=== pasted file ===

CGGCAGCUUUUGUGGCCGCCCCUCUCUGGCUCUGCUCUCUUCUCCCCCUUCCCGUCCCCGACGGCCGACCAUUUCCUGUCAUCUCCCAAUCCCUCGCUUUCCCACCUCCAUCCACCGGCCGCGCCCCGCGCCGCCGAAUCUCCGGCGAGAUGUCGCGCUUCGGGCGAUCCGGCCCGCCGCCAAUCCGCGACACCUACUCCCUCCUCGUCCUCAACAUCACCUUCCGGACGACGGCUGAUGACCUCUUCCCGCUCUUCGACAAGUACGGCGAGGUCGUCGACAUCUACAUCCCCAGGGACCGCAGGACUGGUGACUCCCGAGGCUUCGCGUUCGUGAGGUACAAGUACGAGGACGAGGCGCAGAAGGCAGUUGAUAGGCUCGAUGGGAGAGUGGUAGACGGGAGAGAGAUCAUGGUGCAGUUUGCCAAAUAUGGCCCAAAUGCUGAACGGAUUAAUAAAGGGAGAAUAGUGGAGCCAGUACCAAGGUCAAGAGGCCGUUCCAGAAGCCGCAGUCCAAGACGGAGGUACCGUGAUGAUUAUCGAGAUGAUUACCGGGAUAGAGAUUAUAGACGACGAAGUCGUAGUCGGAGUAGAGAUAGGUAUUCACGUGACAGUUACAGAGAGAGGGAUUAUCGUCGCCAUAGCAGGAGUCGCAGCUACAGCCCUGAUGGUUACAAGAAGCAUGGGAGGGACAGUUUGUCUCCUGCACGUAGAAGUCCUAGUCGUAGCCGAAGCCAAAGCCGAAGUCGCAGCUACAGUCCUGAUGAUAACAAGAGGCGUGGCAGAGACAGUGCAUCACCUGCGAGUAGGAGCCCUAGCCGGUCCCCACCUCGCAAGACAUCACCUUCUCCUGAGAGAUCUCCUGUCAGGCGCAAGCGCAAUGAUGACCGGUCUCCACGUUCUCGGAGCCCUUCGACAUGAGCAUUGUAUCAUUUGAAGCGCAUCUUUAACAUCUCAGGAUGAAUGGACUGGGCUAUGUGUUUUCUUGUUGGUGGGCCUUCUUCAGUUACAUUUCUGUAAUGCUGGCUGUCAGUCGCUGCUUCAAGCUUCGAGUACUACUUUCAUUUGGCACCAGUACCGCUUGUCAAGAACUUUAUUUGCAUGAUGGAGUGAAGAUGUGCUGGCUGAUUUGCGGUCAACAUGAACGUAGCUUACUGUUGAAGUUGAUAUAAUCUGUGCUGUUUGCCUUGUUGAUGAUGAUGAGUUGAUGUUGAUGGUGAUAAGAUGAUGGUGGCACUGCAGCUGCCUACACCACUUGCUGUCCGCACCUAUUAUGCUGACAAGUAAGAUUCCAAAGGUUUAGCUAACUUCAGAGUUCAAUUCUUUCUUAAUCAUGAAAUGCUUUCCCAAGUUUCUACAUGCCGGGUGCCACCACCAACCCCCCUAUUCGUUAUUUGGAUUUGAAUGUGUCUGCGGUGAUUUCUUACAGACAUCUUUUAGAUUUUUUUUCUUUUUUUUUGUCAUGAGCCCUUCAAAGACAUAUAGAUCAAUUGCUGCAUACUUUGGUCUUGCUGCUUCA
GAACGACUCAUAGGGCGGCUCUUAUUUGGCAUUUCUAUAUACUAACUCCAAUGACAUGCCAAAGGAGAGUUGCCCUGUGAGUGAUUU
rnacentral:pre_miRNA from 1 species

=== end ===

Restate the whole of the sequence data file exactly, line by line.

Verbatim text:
CGGCAGCUUUUGUGGCCGCCCCUCUCUGGCUCUGCUCUCUUCUCCCCCUUCCCGUCCCCGACGGCCGACCAUUUCCUGUCAUCUCCCAAUCCCUCGCUUUCCCACCUCCAUCCACCGGCCGCGCCCCGCGCCGCCGAAUCUCCGGCGAGAUGUCGCGCUUCGGGCGAUCCGGCCCGCCGCCAAUCCGCGACACCUACUCCCUCCUCGUCCUCAACAUCACCUUCCGGACGACGGCUGAUGACCUCUUCCCGCUCUUCGACAAGUACGGCGAGGUCGUCGACAUCUACAUCCCCAGGGACCGCAGGACUGGUGACUCCCGAGGCUUCGCGUUCGUGAGGUACAAGUACGAGGACGAGGCGCAGAAGGCAGUUGAUAGGCUCGAUGGGAGAGUGGUAGACGGGAGAGAGAUCAUGGUGCAGUUUGCCAAAUAUGGCCCAAAUGCUGAACGGAUUAAUAAAGGGAGAAUAGUGGAGCCAGUACCAAGGUCAAGAGGCCGUUCCAGAAGCCGCAGUCCAAGACGGAGGUACCGUGAUGAUUAUCGAGAUGAUUACCGGGAUAGAGAUUAUAGACGACGAAGUCGUAGUCGGAGUAGAGAUAGGUAUUCACGUGACAGUUACAGAGAGAGGGAUUAUCGUCGCCAUAGCAGGAGUCGCAGCUACAGCCCUGAUGGUUACAAGAAGCAUGGGAGGGACAGUUUGUCUCCUGCACGUAGAAGUCCUAGUCGUAGCCGAAGCCAAAGCCGAAGUCGCAGCUACAGUCCUGAUGAUAACAAGAGGCGUGGCAGAGACAGUGCAUCACCUGCGAGUAGGAGCCCUAGCCGGUCCCCACCUCGCAAGACAUCACCUUCUCCUGAGAGAUCUCCUGUCAGGCGCAAGCGCAAUGAUGACCGGUCUCCACGUUCUCGGAGCCCUUCGACAUGAGCAUUGUAUCAUUUGAAGCGCAUCUUUAACAUCUCAGGAUGAAUGGACUGGGCUAUGUGUUUUCUUGUUGGUGGGCCUUCUUCAGUUACAUUUCUGUAAUGCUGGCUGUCAGUCGCUGCUUCAAGCUUCGAGUACUACUUUCAUUUGGCACCAGUACCGCUUGUCAAGAACUUUAUUUGCAUGAUGGAGUGAAGAUGUGCUGGCUGAUUUGCGGUCAACAUGAACGUAGCUUACUGUUGAAGUUGAUAUAAUCUGUGCUGUUUGCCUUGUUGAUGAUGAUGAGUUGAUGUUGAUGGUGAUAAGAUGAUGGUGGCACUGCAGCUGCCUACACCACUUGCUGUCCGCACCUAUUAUGCUGACAAGUAAGAUUCCAAAGGUUUAGCUAACUUCAGAGUUCAAUUCUUUCUUAAUCAUGAAAUGCUUUCCCAAGUUUCUACAUGCCGGGUGCCACCACCAACCCCCCUAUUCGUUAUUUGGAUUUGAAUGUGUCUGCGGUGAUUUCUUACAGACAUCUUUUAGAUUUUUUUUCUUUUUUUUUGUCAUGAGCCCUUCAAAGACAUAUAGAUCAAUUGCUGCAUACUUUGGUCUUGCUGCUUCA
GAACGACUCAUAGGGCGGCUCUUAUUUGGCAUUUCUAUAUACUAACUCCAAUGACAUGCCAAAGGAGAGUUGCCCUGUGAGUGAUUU
rnacentral:pre_miRNA from 1 species